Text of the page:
Two months after 43 students went missing after being taken from Iguala, Mexico by police during a protest, University students commemorated the missing students’ lives during a vigil on the Diag Thursday evening.

Around 5 p.m., a group of students and Ann Arbor residents marched from Mason Hall to the Diag, carrying posters with the phrase “Vivos los Queremos,” roughly translating to “bring them back alive,” and a string of images depicting the faces and names of the missing students. They chanted: “Where are the 43 students? Where?”

On Sept. 26, 43 students from Raul Isidro Burgo Ayotzinapa Normal School were protesting for education reform in Iguala when police officers shot at the students and then rounded them up into police vehicles. They have not been seen since.

Mexican government officials have since stated that the students were killed by a cartel, however their bodies have not been accounted for.

The protest and vigil comes on the eve of a global day of action, which is slated to include more than 250 protests across the world. On the Diag, a group of about 30 people created a large circle around the block M as speakers discussed the situation, speaking in English and Spanish.

Jorge Najera Godinez, a math student from Guerrero — the state where the students disappeared — came to Ann Arbor in the fall to complete his master’s degree at the School of Education. He said he was shocked and saddened to hear that his friends and fellow students from the region were abducted and likely killed.

“It was just really hard to concentrate on my studies so that’s why I went to ask for help and they helped organize it,” Godinez said in an interview before the vigil. “It’s important that everybody knows what’s happening in the city — especially my town — because this is not the first time that something like this has happened. Right now there are 43 students but before that there were many.”

Godinez said the abducted students traveled to Iguala, an hour and a half away from their hometown, to raise money for the schools. He said every few years a few students go missing, and it is often blamed on the cartels.

Without support from the government, receiving an education is a challenge for many people in the region where these students were from, Godinez said. He explained how many students live on mountains, sometimes hours away from the closest school, and have to walk there in extremely hot conditions.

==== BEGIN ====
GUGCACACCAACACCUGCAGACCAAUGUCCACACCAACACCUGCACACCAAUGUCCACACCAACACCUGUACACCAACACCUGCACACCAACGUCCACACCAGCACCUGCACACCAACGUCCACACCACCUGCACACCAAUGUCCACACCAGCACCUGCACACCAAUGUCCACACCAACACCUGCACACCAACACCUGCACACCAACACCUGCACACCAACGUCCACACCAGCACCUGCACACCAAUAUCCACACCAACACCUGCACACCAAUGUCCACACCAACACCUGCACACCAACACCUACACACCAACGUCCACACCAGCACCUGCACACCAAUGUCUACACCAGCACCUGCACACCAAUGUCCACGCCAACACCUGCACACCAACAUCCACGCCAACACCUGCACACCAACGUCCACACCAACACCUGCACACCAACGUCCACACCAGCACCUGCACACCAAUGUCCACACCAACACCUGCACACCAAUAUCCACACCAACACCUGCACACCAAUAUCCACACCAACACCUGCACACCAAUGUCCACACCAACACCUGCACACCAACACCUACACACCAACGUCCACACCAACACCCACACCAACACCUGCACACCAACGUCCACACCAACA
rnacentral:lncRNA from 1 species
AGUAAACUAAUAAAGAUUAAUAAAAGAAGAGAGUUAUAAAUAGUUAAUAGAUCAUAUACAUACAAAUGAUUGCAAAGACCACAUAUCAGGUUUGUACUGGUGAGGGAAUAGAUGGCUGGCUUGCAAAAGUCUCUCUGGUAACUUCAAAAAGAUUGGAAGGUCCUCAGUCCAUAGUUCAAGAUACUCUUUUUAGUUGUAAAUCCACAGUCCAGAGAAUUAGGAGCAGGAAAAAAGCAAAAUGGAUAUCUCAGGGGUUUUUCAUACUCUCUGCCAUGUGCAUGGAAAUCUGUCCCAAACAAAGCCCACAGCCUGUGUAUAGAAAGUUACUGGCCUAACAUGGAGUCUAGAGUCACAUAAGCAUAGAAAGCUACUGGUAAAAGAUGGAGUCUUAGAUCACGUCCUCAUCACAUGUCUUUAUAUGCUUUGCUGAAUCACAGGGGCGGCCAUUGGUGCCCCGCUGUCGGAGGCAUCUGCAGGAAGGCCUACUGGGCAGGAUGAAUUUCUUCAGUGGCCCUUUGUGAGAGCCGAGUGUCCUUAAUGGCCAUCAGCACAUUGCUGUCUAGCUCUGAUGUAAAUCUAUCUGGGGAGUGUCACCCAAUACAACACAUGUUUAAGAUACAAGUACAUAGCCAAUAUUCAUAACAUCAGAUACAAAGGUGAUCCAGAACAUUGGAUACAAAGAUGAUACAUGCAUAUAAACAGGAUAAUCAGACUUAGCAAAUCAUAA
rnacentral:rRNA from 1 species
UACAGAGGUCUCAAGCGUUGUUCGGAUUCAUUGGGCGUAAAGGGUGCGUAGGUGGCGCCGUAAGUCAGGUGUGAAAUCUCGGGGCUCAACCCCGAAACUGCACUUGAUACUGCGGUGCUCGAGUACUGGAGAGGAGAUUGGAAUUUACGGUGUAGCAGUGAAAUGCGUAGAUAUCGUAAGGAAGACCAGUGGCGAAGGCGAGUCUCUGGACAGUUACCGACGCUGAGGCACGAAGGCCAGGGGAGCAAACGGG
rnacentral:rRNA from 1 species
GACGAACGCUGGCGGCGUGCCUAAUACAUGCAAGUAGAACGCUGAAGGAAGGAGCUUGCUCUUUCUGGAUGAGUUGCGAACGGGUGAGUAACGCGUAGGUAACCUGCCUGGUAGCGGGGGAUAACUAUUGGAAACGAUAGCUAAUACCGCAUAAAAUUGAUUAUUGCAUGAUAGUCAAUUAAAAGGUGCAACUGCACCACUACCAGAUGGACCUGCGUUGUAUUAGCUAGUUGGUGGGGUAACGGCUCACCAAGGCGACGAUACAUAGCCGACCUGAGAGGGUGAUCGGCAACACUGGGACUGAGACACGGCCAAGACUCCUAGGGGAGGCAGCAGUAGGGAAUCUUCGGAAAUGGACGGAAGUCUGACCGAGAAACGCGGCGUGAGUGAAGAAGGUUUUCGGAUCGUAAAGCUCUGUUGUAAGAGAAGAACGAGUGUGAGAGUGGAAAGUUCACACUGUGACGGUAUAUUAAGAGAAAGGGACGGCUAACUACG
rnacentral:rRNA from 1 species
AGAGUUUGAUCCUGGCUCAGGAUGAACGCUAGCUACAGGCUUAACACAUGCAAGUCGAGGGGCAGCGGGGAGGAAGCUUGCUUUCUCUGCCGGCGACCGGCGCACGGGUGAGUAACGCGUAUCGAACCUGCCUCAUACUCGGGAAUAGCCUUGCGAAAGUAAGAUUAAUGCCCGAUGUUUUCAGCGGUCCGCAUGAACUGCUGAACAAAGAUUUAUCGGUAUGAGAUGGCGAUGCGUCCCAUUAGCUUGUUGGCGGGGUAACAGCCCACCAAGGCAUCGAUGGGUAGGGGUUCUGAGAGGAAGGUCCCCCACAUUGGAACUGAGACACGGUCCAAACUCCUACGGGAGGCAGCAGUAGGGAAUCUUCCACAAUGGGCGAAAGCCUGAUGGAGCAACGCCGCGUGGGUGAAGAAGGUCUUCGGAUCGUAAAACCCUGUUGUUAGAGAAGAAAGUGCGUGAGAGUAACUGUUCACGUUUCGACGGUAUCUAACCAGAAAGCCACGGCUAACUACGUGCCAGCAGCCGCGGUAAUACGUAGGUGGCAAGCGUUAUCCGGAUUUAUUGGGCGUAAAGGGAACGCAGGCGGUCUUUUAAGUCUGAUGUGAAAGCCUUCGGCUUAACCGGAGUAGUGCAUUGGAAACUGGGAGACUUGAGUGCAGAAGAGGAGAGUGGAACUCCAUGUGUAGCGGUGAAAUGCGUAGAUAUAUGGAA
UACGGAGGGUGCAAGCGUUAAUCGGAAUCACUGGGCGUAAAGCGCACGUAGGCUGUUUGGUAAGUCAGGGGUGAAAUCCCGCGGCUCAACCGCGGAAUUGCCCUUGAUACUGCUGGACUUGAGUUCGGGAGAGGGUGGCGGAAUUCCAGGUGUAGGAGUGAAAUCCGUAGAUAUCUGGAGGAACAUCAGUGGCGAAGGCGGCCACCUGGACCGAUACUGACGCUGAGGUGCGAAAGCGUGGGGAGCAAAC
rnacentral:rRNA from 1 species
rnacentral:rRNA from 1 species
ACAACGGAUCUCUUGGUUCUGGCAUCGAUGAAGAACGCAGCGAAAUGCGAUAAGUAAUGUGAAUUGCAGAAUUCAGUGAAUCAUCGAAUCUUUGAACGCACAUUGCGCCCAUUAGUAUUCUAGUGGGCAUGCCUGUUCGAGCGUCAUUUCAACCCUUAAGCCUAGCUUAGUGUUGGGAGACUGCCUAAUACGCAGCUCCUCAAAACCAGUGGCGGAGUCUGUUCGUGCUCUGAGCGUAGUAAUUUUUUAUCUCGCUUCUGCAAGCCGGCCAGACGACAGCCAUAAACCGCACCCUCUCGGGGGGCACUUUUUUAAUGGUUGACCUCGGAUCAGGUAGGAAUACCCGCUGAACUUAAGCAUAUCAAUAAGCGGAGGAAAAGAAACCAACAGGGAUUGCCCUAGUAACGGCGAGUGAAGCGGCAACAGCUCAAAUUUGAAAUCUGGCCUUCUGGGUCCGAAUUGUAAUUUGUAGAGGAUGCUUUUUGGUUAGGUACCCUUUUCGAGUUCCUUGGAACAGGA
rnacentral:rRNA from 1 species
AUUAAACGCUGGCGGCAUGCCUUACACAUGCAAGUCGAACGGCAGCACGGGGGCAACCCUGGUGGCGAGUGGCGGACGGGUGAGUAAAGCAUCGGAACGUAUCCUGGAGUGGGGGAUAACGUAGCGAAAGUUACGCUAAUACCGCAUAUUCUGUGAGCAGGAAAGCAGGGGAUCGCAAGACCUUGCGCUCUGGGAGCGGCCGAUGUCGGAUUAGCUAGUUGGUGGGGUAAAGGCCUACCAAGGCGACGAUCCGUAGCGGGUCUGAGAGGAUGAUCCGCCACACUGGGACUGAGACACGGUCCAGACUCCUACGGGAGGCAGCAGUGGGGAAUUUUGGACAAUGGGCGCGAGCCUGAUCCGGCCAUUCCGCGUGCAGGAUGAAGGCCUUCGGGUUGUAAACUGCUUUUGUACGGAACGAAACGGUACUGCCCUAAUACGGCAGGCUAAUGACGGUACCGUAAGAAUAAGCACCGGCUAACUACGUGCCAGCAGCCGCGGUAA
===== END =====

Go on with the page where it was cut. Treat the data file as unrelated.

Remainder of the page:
University alum Marta Valadez met Godinez a few weeks earlier and connected him with other Mexican students and community members outraged by the disappearance of the students.

“To be able to support a student who comes from so far away, who’s very isolated, to be experiencing this where he’s here and he feels like he can’t do anything,” Valadez said. “This is an opportunity that feels like we can do this together. So for us to do it here, that’s very powerful for us … People are not going to be quiet. People are not going to be silenced in Mexico, and in the United States and around the world.”

Valadez said the attack, which targeted a large group of students, resonated with many across the world.

“They were being brought up to be critical thinkers and I think that a lot of the fighting of what’s happening there is because these students were speaking out against injustice and harm that was happening through the government’s responsibility,” she said.

Eduardo Garcia, one of the protesters involved in creating Thursday’s event, said the purpose of the demonstration is to show the University community that there is a massacre happening in a neighboring country.

“I think that the U.S. government has been really connected to the Mexican government and in this case the U.S. government should pressure the Mexican government. In the past few years, many Americans have also disappeared,” Garcia said. “We want to conjoin all the anger, direct it at something good, that will bring change.”

During the vigil, Garcia said there were nearly 30,000 forced disappearances in Mexico over the past seven years. At its core, Garcia said Mexico is really having a crisis of student rights.

“It’s a war against the people, a war against the poor, a war against the youth, a war against the students,” Garcia said.

Some of the speakers called for the United Nations to seek justice while others reminded each other that as long as the students were missing their families would have no peace.

As the speakers recited the names of each missing student, many University students stopped to listen, take pictures and sign up for a mailing list to receive more information.

LSA freshman John Mathew stopped to check out the protest and sign up for the e-mail list on his way to class. He said he had heard about the news, but didn’t know much about the ongoing situation in Mexico.

“I think it’s an appealing cause to college students because they see the government taking advantage of the students,” Mathew said. “Almost like they are (being) put down, and not included as a member of the population.”

LSA senior Tatiana Bravo met Godinez earlier while working on a class project and decided to attend the vigil to support him. While she was raised in the United States, many of her family members live in Mexico and she visits there often. She said the event has affected her greatly, as she is around the same age as the disappeared students and also fears the corruption in Mexico.

“A lot of it is people are really fed up, people are disappearing in Mexico and it just gets thrown under the rug or people look the other way, that’s the norm and it shouldn’t be the norm,” Bravo said. “If 43 of my friends went missing on a school day on campus, the entire nation would know and it would be a huge deal, but there it happened and it’s OK.”

Leave a comment

Your email address will not be published.